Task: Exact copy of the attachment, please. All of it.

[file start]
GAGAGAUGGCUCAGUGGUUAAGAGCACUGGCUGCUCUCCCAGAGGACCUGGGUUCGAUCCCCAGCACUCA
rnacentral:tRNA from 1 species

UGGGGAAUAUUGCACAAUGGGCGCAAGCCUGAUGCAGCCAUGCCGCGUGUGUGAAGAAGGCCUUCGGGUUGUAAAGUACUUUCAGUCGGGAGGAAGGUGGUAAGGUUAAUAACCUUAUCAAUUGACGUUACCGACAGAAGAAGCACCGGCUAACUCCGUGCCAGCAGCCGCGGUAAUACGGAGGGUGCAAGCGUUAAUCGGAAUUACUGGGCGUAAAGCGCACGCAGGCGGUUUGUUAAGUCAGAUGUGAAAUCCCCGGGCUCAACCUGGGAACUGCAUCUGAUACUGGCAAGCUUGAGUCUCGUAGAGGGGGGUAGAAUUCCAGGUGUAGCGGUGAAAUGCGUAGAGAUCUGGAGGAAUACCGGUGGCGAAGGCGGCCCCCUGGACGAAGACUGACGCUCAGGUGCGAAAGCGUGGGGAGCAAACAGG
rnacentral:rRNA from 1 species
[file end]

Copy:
GAGAGAUGGCUCAGUGGUUAAGAGCACUGGCUGCUCUCCCAGAGGACCUGGGUUCGAUCCCCAGCACUCA
rnacentral:tRNA from 1 species

UGGGGAAUAUUGCACAAUGGGCGCAAGCCUGAUGCAGCCAUGCCGCGUGUGUGAAGAAGGCCUUCGGGUUGUAAAGUACUUUCAGUCGGGAGGAAGGUGGUAAGGUUAAUAACCUUAUCAAUUGACGUUACCGACAGAAGAAGCACCGGCUAACUCCGUGCCAGCAGCCGCGGUAAUACGGAGGGUGCAAGCGUUAAUCGGAAUUACUGGGCGUAAAGCGCACGCAGGCGGUUUGUUAAGUCAGAUGUGAAAUCCCCGGGCUCAACCUGGGAACUGCAUCUGAUACUGGCAAGCUUGAGUCUCGUAGAGGGGGGUAGAAUUCCAGGUGUAGCGGUGAAAUGCGUAGAGAUCUGGAGGAAUACCGGUGGCGAAGGCGGCCCCCUGGACGAAGACUGACGCUCAGGUGCGAAAGCGUGGGGAGCAAACAGG
rnacentral:rRNA from 1 species